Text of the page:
DFW Music News

10 Local Music Videos From The Past Year That You Should've Watched by Now

The new Chilldren of Indigo video is full of rap G.O.A.T.s.
The new Chilldren of Indigo video is full of rap G.O.A.T.s. Andrew Sherman
2021 was a year of many new things for all of us, from new adventures to new Netflix shows to new COVID variants. Dallas artists used their year following the COVID hibernation of 2020 to start making art again. Maybe it was the collective “stretching of legs,” but coming off  lockdown made this past year’s music videos generally vibrant and colorful — starring goats, talking dollars, conspiracies, micheladas, teary-eyed men singing “Bitch fuck you” and everything in between. North Texas definitely showed up in the visuals department. Here are some of our favorite local Dallas music videos released over the past year.

Chilldren of Indigo, “G.O.A.T.”
Directed by Andrew Sherman Dallas hip-hop group Chilldren of Indigo’s newest video proclaims that “Ain’t no rapper the G.O.A.T.” (greatest of all time) while surrounded by goats. If the Pet Sounds-ish nature of the video gets to be too much, have no fear, because there’s a hot tub scene at the end with the group's drummer, Mark Phillips, doing his best Riff Raff impression.

Pearl Earl, “The Dimension Isn’t Right”
Directed by Kid K Just to name a few of the images featured in Pearl Earl's latest video: a silvery sparkly cowboy, a woman rubbing grapes on her face and a sort of embryonic disco ball. The video takes you into a world you haven’t seen before and keeps you there. In the credits, the band attributes this “world-building” to The Rotsnaze Collective, an arts collective out of Pearl Earl’s native Denton.

Cure for Paranoia , “DOLLA DOLLA BILL Y’ALL”
Directed by Isaac "IZK" Davies and Trenton Ryan Cartoon landscapes and scenes play out throughout this video by Dallas hip-hop collective Cure for Paranoia with all the visuals made from a dollar bill. This has-to-be-seen-to-be-believed ingenuity was born of the minds of Dallas artist/muralist Isaac “IZK” Davies and director/photographer Trenton Ryan, who did the art and the stop-motion, respectively.

Quentin Moore, “B.F.U.”
Directed by Quentin Moore
Dallas soul impresario Quentin Moore’s “B.F.U.” starts under the guise of being your everyday soulful song about a breakup complete with a soaring string arrangement, but when the chorus hits, that all changes. The lyrics speak for themselves: “There are so many things I could say / So many things I could do / But I’ll just keep it simple / And I would just say … Bitch, fuck you.”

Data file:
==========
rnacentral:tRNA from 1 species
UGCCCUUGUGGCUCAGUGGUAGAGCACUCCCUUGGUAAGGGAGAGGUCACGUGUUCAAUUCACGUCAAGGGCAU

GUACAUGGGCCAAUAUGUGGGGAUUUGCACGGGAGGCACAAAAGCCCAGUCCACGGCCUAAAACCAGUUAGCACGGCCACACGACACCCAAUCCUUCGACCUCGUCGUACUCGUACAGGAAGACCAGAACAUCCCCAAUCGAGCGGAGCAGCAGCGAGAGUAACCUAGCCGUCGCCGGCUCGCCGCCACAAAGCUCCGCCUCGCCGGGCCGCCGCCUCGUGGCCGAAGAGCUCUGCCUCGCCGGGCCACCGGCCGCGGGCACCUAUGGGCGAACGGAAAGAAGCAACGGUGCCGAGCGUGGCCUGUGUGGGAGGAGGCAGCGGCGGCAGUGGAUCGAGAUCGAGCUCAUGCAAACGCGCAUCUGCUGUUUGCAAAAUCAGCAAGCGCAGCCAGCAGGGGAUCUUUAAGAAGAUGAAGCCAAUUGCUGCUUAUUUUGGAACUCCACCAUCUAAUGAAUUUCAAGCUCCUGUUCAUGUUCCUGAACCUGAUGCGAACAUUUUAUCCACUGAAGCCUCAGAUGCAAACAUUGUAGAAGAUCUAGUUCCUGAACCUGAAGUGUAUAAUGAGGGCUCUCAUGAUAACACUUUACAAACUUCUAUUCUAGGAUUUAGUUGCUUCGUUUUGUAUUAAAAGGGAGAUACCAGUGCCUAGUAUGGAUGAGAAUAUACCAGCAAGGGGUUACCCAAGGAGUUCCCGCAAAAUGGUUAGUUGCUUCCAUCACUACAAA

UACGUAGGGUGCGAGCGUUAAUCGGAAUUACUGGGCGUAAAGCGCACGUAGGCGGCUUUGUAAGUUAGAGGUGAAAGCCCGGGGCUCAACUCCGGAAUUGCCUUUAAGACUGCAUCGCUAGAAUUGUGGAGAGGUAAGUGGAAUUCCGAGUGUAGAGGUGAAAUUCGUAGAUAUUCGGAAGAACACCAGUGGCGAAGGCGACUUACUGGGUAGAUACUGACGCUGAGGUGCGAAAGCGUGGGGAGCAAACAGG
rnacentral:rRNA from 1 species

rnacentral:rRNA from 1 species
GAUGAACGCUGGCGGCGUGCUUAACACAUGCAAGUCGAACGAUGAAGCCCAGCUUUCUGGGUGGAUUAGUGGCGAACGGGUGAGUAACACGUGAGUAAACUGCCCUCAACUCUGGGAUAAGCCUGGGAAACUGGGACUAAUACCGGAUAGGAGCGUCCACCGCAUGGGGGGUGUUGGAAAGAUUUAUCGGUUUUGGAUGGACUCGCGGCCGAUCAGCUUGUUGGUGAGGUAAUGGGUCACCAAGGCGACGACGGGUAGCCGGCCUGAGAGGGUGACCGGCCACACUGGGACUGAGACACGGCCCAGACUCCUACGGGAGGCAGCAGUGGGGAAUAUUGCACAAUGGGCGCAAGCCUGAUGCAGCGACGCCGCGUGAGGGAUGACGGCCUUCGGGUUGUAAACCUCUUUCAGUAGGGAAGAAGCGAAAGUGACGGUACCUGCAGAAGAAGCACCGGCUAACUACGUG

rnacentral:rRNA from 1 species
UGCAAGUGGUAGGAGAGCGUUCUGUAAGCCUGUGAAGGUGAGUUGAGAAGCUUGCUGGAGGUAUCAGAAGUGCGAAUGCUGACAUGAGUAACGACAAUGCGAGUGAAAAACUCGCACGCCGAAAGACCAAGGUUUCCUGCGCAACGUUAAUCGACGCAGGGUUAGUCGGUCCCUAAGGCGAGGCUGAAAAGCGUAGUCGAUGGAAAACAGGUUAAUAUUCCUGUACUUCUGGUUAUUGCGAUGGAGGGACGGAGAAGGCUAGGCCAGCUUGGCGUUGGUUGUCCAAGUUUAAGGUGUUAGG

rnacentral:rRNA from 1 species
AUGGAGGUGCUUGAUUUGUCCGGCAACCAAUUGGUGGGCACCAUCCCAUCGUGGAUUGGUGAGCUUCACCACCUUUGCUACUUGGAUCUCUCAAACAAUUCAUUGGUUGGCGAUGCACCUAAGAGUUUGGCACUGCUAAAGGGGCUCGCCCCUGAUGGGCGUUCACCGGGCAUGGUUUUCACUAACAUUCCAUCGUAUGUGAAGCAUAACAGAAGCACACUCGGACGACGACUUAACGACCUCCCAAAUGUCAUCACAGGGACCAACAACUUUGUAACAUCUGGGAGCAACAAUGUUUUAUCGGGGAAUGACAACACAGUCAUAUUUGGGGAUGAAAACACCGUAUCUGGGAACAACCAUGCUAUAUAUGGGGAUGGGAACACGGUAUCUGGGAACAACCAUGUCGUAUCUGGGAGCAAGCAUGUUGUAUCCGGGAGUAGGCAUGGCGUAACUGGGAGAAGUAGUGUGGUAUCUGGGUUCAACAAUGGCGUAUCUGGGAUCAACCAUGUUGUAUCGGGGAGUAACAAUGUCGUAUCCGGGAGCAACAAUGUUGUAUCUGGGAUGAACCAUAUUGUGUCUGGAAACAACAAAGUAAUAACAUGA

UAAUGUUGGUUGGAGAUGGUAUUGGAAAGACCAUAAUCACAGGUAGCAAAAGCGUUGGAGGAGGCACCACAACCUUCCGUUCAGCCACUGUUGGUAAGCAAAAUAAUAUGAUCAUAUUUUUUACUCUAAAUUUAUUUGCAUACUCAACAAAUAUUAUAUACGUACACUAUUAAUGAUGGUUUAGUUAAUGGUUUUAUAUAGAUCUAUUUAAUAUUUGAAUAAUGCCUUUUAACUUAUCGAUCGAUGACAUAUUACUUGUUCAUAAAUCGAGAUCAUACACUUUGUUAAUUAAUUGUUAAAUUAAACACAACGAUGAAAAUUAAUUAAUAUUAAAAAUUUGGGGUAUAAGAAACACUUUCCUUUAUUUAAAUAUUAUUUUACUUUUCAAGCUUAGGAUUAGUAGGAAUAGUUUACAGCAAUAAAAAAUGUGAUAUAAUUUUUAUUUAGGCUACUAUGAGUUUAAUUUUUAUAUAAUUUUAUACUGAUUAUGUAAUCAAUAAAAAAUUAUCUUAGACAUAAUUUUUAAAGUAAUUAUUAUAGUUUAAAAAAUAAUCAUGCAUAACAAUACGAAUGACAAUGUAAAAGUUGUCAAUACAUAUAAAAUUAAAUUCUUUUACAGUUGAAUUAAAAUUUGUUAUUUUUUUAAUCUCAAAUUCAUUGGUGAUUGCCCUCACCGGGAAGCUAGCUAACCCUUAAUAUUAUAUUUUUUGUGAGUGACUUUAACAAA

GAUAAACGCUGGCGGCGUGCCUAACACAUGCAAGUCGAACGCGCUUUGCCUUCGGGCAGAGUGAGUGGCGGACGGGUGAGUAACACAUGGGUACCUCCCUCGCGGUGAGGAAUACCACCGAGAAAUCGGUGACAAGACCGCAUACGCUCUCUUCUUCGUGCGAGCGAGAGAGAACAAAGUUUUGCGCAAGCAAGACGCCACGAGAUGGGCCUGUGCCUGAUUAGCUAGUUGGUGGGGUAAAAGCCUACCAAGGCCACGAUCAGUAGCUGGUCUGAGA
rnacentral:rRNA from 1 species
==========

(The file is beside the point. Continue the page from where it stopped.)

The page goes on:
Kyoto Lo-Fi, "Everything Is Forever"
Directed by Daniel Begue Ponce Kyoto Lo-Fi’s mix of psychedelic rock, post-indie and pop is as surreal as it is energetic. Filmed in Barcelona, the imagery within the video can be unsettling but is so well shot and planned that it’s nearly impossible to look away and makes a near-four-minute video seem eternal.

23CUPS, RJayDTX & DagoBeats, “Michelada”
Directed The Girl V & 23CUPS
As the host and event organizer of art collective Vibes Texas in addition to being a prodigious content creator, it's almost surprising that 23CUPS found time to get together with singer RJayDTX and producer DagoBeats to make this video for their song “Michelada.” (Or to bust ... anything, like they claim they'll do in the song's lyrics.)

Ottoman Turks, "Conspiracy Freak"
Directed by Nathan “Mongol” Wells and Joshua Ray Walker
In the beginning of last year, Ottoman Turks told us that after the Jan. 6 Capitol riots they had “been wrestling with the idea of putting 'Conspiracy Freak' out as a single after the events last week, and after talking with each other and some trusted friends, we've decided we won't be releasing it [yet]." The song is released now, and it is amazing.

The Roomsounds, “Big Shot”
Directed by Will von Bolton The Roomsounds made their name in Dallas as a long-haired, denim-clad rock 'n' roll group that looks like it stumbled out of Tom Petty’s time machine. Their music video for “Big Shot” off their latest album Good Company is no deviation from this norm, and it's sooo Deep Ellum.

Billy Law, “Slowly”
Directed by Dylan Huddleston
“Slowly” is a folky, thoughtful track from Billy Law, whose band Ottoman Turks is also on this list. Whereas the Turks are generally high-octane on the verge of frenetic, Billy Law’s solo work is more contemplative. (Not that he can’t still pull a barn-burner or two out when he wants to.) The video is a sentimental and a beautifully pieced-together montage of home movies recounting his life, his wife and their love.

The 40 Acre Mule, “Dear Jen”
Directed by Justin Damiano What’s better than a driving rhythm and blues song filmed in a divey burgers-and-booze bar? In the video for "Dear Jen," 40 Acre Mule frontman J. Isaiah Evans wails in one of East Dallas’ favorite haunts, Lakewood Landing.
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